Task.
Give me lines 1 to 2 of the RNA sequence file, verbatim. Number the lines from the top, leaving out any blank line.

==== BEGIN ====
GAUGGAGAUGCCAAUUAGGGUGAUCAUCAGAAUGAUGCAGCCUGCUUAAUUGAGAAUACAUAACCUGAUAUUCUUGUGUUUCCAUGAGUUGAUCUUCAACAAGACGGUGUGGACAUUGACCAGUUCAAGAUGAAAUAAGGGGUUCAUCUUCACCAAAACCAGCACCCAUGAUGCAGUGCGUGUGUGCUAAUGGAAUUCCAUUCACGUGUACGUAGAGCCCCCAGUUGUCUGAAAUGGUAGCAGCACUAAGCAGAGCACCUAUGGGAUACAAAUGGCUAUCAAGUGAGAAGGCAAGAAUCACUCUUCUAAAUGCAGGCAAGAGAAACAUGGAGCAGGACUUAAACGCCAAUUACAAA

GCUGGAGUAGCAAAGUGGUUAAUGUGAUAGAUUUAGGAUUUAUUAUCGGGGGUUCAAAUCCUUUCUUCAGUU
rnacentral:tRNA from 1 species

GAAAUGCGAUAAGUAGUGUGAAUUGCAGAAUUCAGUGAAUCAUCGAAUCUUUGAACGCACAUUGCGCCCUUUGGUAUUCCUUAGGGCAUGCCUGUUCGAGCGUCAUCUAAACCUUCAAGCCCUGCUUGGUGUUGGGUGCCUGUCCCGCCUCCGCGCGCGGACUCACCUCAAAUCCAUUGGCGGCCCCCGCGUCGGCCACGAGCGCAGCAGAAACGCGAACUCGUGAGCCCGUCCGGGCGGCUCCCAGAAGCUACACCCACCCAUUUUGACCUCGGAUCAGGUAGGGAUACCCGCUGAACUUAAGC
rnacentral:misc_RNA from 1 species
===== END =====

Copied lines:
GAUGGAGAUGCCAAUUAGGGUGAUCAUCAGAAUGAUGCAGCCUGCUUAAUUGAGAAUACAUAACCUGAUAUUCUUGUGUUUCCAUGAGUUGAUCUUCAACAAGACGGUGUGGACAUUGACCAGUUCAAGAUGAAAUAAGGGGUUCAUCUUCACCAAAACCAGCACCCAUGAUGCAGUGCGUGUGUGCUAAUGGAAUUCCAUUCACGUGUACGUAGAGCCCCCAGUUGUCUGAAAUGGUAGCAGCACUAAGCAGAGCACCUAUGGGAUACAAAUGGCUAUCAAGUGAGAAGGCAAGAAUCACUCUUCUAAAUGCAGGCAAGAGAAACAUGGAGCAGGACUUAAACGCCAAUUACAAA

GCUGGAGUAGCAAAGUGGUUAAUGUGAUAGAUUUAGGAUUUAUUAUCGGGGGUUCAAAUCCUUUCUUCAGUU